Back in the mid '80s I had a couple Harley touring bikes with the enclosed chain drive. Though it was a two-sided swingarm, from the tire-change standpoint it was more like a single-sided setup in that the wheel hub/sprocket/left bearing stayed inside the enclosure on the bike; you had to remove five lug bolts through a hole in the chain housing to take off the wheel itself. And even though I found the process of removing/installing the wheel to be, if anything, easier than on a conventional setup, I knew many dealers who charged extra for the enclosed-chain bikes or flat-out refused to do them unless you brought the wheel in by itself. Go figure.
 

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I've spooned on many tires in my 50 years or owning motorcycles. When I started getting older I went in with my brother an bought a NoMar. To be honest it wasn't much better. We now have a Weaver simply because I'm to old for that crap anymore. If you can find someone to share the cost it's worth it. I think Atlas is now selling the same one in a different color for less money. https://www.gregsmithequipment.com/Atlas-TC211-Tire-Changer
 

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I've never tried ty-wraps or tape, actually never heard of using tape until now. Good ideas to try sometime, but I've never had a problem using spoons, like they say if you're fighting it, you're doing something wrong.

Thanks for sharing this idea.
brian
 

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Other than the rear rim having a big, automotive-style hole in the center (for which adapters are readily available), I can't see what makes a BMW rim different from any other tubeless-tire rim. I mean, if there were a difference in the rim itself, would tires made for "standard" rims even fit? So what was the problem these guys had?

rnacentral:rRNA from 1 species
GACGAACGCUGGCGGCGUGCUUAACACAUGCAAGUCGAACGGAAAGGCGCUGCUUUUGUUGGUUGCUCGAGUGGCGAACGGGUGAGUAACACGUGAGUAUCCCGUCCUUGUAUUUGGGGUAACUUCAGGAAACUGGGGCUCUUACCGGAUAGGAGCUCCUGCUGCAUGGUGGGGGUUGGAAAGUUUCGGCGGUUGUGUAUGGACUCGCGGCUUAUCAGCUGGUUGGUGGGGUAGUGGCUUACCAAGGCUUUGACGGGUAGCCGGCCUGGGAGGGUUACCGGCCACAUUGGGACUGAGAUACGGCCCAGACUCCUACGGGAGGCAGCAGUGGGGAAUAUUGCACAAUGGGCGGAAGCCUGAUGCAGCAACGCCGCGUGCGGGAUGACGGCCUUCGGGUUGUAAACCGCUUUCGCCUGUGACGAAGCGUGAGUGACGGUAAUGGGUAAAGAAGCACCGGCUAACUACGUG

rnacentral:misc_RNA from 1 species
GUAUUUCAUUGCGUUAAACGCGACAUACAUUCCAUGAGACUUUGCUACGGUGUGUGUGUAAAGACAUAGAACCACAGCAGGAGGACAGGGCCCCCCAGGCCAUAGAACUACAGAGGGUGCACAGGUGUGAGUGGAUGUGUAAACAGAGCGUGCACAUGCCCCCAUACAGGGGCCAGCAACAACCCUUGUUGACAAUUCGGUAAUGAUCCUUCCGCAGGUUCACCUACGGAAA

Back in the mid '80s I had a couple Harley touring bikes with the enclosed chain drive. Though it was a two-sided swingarm, from the tire-change standpoint it was more like a single-sided setup in that the wheel hub/sprocket/left bearing stayed inside the enclosure on the bike; you had to remove five lug bolts through a hole in the chain housing to take off the wheel itself. And even though I found the process of removing/installing the wheel to be, if anything, easier than on a conventional setup, I knew many dealers who charged extra for the enclosed-chain bikes or flat-out refused to do them unless you brought the wheel in by itself. Go figure.
Low man on the totem pole get tire duty and they tend to be inexperienced and ham fisted! Dealer hit the TSP sensor once and paid BMW dealer to replace it. Second time hit the TPS sensor so hard it bent the TSP senor hole and couldn't be sealed! New wheel $1500! And this is a multi motorcycle dealer including Indians that have TSP :(
 

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Discussion Starter #10